- PHOTO BY STEVE E. MILLER
Wild Horse was considered quite modern in 1987 when the winery was built among the grapevines Volk planted in Templeton. It was also fairly large compared to its counterparts and expanded rapidly thanks to its popularity. Volk has always been renowned and admired for his love of obscure varieties like Verdelho, Malvasia Bianca, and Blaufrankisch, among many others. Even after selling Wild Horse, Volk now makes an array of varieties at his new Kenneth Volk Vineyards in Santa Maria Valley.
He sold his original winery to Constellation, a powerhouse of brands that includes such great names as Mondavi, Simi, Clos du Bois, and Ravenswood. Wild Horse was another thoroughbred in their stable of winners. Yet it seems a part of Volk’s spirit for finding special vineyards and rare varieties remained at Wild Horse and influenced the new winemaking team.
It’s now led by director of winemaking Clay Brock, whom I first met when he worked at Byron winery, assistant winemaker to Byron “Ken” Brown. When he moved to Edna Valley Vineyard as winemaker I soon became his fan. Born and raised in Napa Valley, Brock’s father was a viticulturist who managed Christian Brothers’ St. Regis Vineyard. He taught his young son the importance of high-quality vineyard management to produce fine wines. Brock left Napa to earn his degree in Agricultural Business Management at Cal Poly.
I’ve also been among Brock’s many fans of his private label, Trou du Bonde. I was sorry to learn he’s not going to be making his awesome Grenache Blanc under that label, but wine lovers can expect many good wines to come while he’s at Wild Horse—a fact that was immediately obvious when I tasted his new lineup of 2008 white wines for Wild Horse, especially his Malvasia Bianca, a standout white that’s one of the best I’ve tasted of this varietal.
Winemaker Chrissy Wittmann, who started at Wild Horse a year before Brock, told me: “It’s been fun working with Clay. He’s very much appreciated for his mellow demeanor.” Originally hired as assistant winemaker to Mark Cummings, when he left to establish his own brand she was promoted to winemaker. When Brock came on board as director of winemaking, he admitted he wondered if the staff would have some animosity: “Most of the old staff was gone and the employees let me know they were happy I was here.”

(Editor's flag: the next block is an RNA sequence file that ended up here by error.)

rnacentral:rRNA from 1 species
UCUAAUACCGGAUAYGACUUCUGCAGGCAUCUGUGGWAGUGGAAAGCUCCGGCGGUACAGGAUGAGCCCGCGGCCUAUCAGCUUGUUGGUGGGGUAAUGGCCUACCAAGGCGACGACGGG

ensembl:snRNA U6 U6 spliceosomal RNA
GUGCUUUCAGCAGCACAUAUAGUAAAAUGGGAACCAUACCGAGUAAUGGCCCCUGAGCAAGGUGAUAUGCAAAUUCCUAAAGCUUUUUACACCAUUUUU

Wittmann had nine years experience in the business before joining Wild Horse. She started at Scheid Winery in Monterey County, near King City, a large production winery and vineyard. She also worked at Courtside Cellars in San Miguel and at Meridian in Paso Robles. She’s had the fortune to work with two of the Central Coast’s most prominent women winemakers, Signe Zoller and Lee Miyamura. “I was lucky to work with them,” she noted.
Like Brock she’s down to earth and appreciative of the opportunity she has to work with so many quality growers from whom they purchase grapes. “This is the best place I’ve worked because of the fruit sources I get here,” Wittmann smiled. “In 11 years I’ve come across quite a variety of grapes from different regions. It enhances my learning curve.” She explained she finds it exciting that wine is different each vintage, never stagnant, and that the experience keeps getting better. “I like working with Clay because he’s practical and knows how he wants to do things.”
Brock concluded, “I came from a small winery to one that’s ten times the size, but it’s grown so much smaller over the past year.” I chuckled remembering something Wittmann told me: “This is Clay’s biggest winery and my smallest. We’ve made a few changes and we share ideas. It’s great being able to work together in the winery and vineyards when we need to.”
You can reach New Times’ Cuisine columnist at firstname.lastname@example.org.